We filed yesterday the opposition to the motion to dismiss my clients’ claims over the 1935 forced sale of the Guelph Treasure, or Welfenschatz. The motion was filed two months ago by defendants Germany and the Stiftung Preussischer Kulturbesitz. As we noted when Germany first moved to dismiss the complaint last fall, Germany’s arguments were revisionist and alarming in a number of troubling ways, most seriously because they tried to excuse persecution of Jews before an arbitrary date as an internal affair not subject to U.S. court jurisdiction, and because it repudiated Germany’s international commitments under the Washington Principles to address restitution claims on the merits. The abject failure of the Advisory Commission, which Germany tries to portray here as some sort of arbitration (which it is not) is also at the fore.
Last week Germany’s Minister of Culture Monika Grütters made the astonishing statement that the Advisory Commission that issues recommendations for questions of allegedly Nazi-looted art in German museums would not be revised to include a member of the Jewish community because that Jewish member “would be the only voice who would be prejudiced.” The statement was not idle gossip, it was to the New York Times, which was writing a feature piece about her. This was a shockingly tone-deaf statement for a German cabinet member to make. Even in a vacuum, it is logically indefensible; why would a Jewish member be more biased than a German member (about which she had no objection). And, of course, it is not a vacuum—we are talking about Germany.
Two days after suspending their participation in the Advisory Commission on the return of cultural property seized as a result of Nazi persecution, especially Jewish property, often called the "Limbach Commission" after its presiding member Jutta Limbach (the Beratende Kommission im Zusammenhang mit der Rückgabe NS-verfolgungsbedingt entzogenen Kulturguts, insbesondere aus jüdischem Besitz), the heirs of Alfred Flechtheim withdrew from the proceedings entirely. The dispute concerns Violon et encrier (Violin and Inkwell) (1913) by Juan Gris in the Stiftung Kunstsammlung Nordrhein-Westfalen (Art Collections Foundation of North Rhine-Westphalia) in Düsseldorf.
Sophisticated Analysis of Adolph von Menzel Drawing Distinguishes Itself from Recent Revisionism Elsewhere
As the original term of the Gurlitt Task Force (Taskforce Schwabinger Kunstfund) winds down, the panel has issued a report on a work that it deems appropriate for restitution: Interior of a Gothic Church (Inneres einer gottischen Kirche) by Adolph von Menzel (pencil drawing, signed/dated 1874). The drawing has been called Church in Hofgastein in some English language articles.
Topics: Interior of a Gothic Church, Hildebrand Gurlitt, Cornelius Gurlitt, Nazi Germany, Inneres einer gottischen Kirche, Dresden, Gurlitt Task Force, Adolph von Menzel, Nazi-looted art, Gurlitt Collection, Ernst Julius Wolffson, Washington Principles on Nazi-Looted Art, Advisory Commission, Munich, Albert Martin Wolffson, Salzburg, Restitution, Catrin Lorch, Bavaria, World War II, Switzerland, Süddeutsche Zeitung, Austria, Kunstmuseum Bern, Federal Republic of Germany, Raubkunst, Taskforce Schwabinger Kunstfund, Elsa Helene Cohen, Limbach Commission, Jörg Häntzschel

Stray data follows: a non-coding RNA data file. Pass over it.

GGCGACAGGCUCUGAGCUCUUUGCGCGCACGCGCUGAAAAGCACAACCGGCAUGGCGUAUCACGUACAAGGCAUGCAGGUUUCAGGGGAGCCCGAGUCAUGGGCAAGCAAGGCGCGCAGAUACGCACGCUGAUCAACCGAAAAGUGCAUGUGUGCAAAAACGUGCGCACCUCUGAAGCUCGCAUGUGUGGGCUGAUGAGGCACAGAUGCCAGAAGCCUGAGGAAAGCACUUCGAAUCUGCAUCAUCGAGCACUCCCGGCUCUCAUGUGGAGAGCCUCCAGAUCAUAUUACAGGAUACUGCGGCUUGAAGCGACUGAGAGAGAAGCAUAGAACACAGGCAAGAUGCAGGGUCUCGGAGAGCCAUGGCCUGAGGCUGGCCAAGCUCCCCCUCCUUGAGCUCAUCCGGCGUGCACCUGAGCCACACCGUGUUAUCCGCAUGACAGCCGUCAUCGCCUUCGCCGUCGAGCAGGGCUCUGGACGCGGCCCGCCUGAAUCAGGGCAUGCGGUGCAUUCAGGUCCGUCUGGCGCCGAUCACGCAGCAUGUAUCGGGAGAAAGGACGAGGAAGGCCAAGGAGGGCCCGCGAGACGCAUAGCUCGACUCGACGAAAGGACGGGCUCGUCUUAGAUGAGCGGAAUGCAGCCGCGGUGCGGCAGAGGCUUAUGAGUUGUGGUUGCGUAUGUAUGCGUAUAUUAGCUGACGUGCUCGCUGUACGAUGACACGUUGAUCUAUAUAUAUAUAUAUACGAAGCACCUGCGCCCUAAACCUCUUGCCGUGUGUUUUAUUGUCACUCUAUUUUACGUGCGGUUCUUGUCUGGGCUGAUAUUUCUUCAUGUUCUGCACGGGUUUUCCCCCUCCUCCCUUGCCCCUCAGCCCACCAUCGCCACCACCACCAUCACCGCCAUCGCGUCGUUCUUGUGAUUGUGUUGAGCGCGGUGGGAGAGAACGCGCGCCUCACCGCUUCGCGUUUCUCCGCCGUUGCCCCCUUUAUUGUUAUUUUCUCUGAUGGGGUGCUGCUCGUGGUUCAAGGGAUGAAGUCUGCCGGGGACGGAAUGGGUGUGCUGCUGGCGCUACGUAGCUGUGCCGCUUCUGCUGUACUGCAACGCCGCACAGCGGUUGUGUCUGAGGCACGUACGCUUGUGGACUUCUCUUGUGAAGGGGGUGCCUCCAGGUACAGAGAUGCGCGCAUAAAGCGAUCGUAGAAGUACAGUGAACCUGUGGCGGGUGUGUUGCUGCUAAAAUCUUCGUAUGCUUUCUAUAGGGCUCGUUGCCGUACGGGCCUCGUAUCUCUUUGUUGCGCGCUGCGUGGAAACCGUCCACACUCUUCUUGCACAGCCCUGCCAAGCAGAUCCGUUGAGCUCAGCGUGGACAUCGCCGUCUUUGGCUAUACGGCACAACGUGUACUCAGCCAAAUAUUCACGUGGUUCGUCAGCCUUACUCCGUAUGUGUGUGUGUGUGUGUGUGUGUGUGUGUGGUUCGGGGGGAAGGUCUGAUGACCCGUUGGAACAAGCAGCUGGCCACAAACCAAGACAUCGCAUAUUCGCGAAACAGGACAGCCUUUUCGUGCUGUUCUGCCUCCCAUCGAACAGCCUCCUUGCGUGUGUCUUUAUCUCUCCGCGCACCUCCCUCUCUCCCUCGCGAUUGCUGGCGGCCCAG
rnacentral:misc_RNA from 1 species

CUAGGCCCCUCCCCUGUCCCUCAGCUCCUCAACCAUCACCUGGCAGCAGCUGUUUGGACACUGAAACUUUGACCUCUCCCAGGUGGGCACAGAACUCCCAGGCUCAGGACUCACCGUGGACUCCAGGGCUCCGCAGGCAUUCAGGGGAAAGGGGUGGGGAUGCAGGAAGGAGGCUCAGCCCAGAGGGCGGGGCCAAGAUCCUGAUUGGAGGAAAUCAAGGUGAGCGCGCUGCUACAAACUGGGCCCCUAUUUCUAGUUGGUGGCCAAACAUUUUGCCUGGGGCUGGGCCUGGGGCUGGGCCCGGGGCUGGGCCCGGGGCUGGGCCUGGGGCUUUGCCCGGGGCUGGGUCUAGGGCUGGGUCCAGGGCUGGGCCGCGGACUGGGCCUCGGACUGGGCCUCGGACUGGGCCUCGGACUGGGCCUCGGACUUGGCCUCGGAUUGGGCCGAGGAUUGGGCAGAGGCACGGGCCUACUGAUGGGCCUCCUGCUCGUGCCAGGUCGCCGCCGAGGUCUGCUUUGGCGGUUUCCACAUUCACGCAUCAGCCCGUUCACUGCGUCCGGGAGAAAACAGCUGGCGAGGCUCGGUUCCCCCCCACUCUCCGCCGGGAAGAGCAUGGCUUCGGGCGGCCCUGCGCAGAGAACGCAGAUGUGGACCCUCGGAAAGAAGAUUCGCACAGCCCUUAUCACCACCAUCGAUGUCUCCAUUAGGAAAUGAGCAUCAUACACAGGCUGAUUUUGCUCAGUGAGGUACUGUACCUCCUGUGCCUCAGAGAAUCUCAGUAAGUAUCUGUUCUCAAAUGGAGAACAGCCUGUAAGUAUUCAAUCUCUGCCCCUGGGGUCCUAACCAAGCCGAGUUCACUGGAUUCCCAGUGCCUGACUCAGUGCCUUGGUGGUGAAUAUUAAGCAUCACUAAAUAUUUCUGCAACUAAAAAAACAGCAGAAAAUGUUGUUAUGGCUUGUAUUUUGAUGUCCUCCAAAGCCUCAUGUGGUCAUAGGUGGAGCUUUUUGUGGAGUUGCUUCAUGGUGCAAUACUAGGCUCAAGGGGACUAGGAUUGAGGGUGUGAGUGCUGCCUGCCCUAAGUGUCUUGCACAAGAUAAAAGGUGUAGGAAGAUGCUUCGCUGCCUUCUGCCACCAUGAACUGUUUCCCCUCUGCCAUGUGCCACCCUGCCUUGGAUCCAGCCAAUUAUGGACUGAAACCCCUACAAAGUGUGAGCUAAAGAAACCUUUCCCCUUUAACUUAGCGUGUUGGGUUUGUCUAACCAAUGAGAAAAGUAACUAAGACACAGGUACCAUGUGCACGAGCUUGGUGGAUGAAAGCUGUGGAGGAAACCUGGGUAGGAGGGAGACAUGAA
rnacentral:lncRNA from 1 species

We reported last week on the outrage over the decision by Germany and the Stiftung Preussischer Kulturbesitz (SPK) to argue in their motion to dismiss my clients’ claims to the Welfenschatz that a commercial interaction between German Jews and a cabal instigated by Hermann Goering in 1935 “predated the Holocaust by several years.” As we noted last week, the suggestion that the Holocaust was a distant possibility in 1935 was an indefensible statement, factually, historically, and ethically. The initial reaction was swift and severe. As Germany gets ready to host the First Conference of the German Centre for Cultural Property Losses next week, its policies are hurtling in the wrong direction.
Topics: Jewish Week Mel Urbach, Hermann Goering First Conference of the German Cen, Guelph Treasure, Gesetz zur Wiederherstellung des Berufsbeamtentums, Henning Kahmann, Atlanta, Simon Wiesenthal Center, Varda Neumann Federal Administrative Court, Yale University, Marion Kaplan, New York University, Germany, Nazi-looted art, Hitler, Kristallnacht Rabbi Abraham Cooper, Deborah Lipstadt, U.S. Holocaust Memorial Museum, Markus Stoetzel, Emory University, Behrens, Holocaust, Bloodlands, SPK, Advisory Commission, Black Earth: The Holocaust as History and Warning, Stiftung Preussischer Kulturbesitz, Restitution, Los Angeles, World War II, Law for the Restoration of the Professional Civil, Washington, Raubkunst, Timothy Snyder, Welfenschatz
It has been almost two weeks since I filed my clients’ claims for restitution of the Guelph Treasure (Welfenschatz).
Topics: Maria Altmann, Frankfurter Allgemeine Zeitung, National Socialists, Third Reich, artdaily.org, Reuters, United States Supreme Court, Guelph Treasure, Gestapo, Haaretz, Deutschlandradio. Deutsche Presse Agentur, Robin Young, the Guardian, The Art Newspaper, Foreign Sovereign Immunities Act, The Wall Street Journal, Deutsche Welle, Santa Fe, KRQE News 13, the Observer, Markus Stoetzel, Die Erle, Mel Urbach, Nazis, Advisory Commission, 3SAT, ZDF, Stiftung Preussischer Kulturbesitz, Washington DC, Hermann Goering, Private Wealth, Restitution, Sullivan & Worcester LLP, Here & Now, Gerald Stiebel, World War II, Foreign Sovereign Immunities, flight tax, Süddeutsche Zeitung, Adolf Hitler, United States District Court, The New York Times, Federal Republic of Germany, BBC News Europe, Alan Phillip, Welfenschatz, NPR, PrivateArtInvestor, ArtNet news